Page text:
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In grizzly country, DeVos' gun remark lands differently

Education Secretary-designate Betsy DeVos testifies on Capitol Hill in Washington, Tuesday, Jan. 17, 2017, at her confirmation hearing before the Senate Health, Education, Labor and Pensions Committee.

The Associated Press

The following editorial appeared in The Seattle Times on Friday, Jan. 20:

The U.S. Senate should not rush to confirm President Donald Trump’s cabinet nominees. The fast pace leaders have set for the approval process is troubling because it takes time to gather all the needed information before deciding if the nominees are qualified to run large, complex federal agencies.

The Senate Health, Education, Labor and Pensions Committee met Tuesday to consider the nomination of Education Secretary nominee Betsy DeVos without all the information the senators need to ask the right questions and make an informed decision.

U.S. Sen. Patty Murray, D-Wash., rightly raised the issue of DeVos’ missing ethics report from the U.S. Office of Government Ethics. Even if DeVos, who has no previous education administration experience, was eminently qualified to run the U.S. Department of Education, the lack of information about her financial life and potential conflicts of interest would make a prudent decision nearly impossible.

Of course, Murray and other senators asked good questions that gave the committee and the American public a better idea of how DeVos would do the job. But when they asked for additional time to question the nominee, committee Chairman Lamar Alexander, R-Tenn., said he was trying to keep the process fair, allowing the same amount of time for questions that were allotted for President Obama’s nominees for education secretary.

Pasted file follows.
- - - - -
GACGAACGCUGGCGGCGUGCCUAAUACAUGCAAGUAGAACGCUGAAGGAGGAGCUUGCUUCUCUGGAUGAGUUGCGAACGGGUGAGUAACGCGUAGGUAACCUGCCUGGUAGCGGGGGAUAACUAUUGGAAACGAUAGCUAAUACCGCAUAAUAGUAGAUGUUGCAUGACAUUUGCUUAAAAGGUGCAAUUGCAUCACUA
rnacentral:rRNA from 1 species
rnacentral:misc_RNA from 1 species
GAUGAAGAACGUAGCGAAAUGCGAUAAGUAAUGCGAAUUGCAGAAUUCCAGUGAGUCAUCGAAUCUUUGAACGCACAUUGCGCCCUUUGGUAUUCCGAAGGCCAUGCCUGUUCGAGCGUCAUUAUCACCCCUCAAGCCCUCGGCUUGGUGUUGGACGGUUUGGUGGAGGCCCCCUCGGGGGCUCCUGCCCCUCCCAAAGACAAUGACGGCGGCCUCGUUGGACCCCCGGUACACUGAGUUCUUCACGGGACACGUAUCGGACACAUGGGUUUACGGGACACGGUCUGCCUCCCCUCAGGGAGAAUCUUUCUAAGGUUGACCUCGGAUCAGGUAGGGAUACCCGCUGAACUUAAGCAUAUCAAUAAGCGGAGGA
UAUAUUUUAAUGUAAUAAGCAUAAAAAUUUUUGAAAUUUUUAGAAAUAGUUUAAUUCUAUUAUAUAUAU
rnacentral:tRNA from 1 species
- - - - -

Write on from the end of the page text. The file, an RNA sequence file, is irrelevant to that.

But, as Murray pointed out, the process does not actually reflect the committee’s approach to previous confirmation hearings. When President Obama picked someone for his cabinet, senators insisted on waiting until the ethics paperwork had been vetted and a report produced by the Office of Government Ethics before a nominee sat before a committee for questioning.

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Affluence should not prohibit people from serving their country, but it does complicate their vetting — DeVos’ family worth is estimated by Forbes magazine at $5.2 billion. Every nominee should expect his or her financial dealings to be closely scrutinized by government officials to make sure they can avoid conflicts of interest while serving the nation.

During the hearing, DeVos said she would cooperate entirely with the ethics vetting process. Alexander should have waited for the report from the Office of Government Ethics before scheduling the hearing and should invite DeVos to appear again so senators can discuss the office’s findings and for suitability to run the agency.


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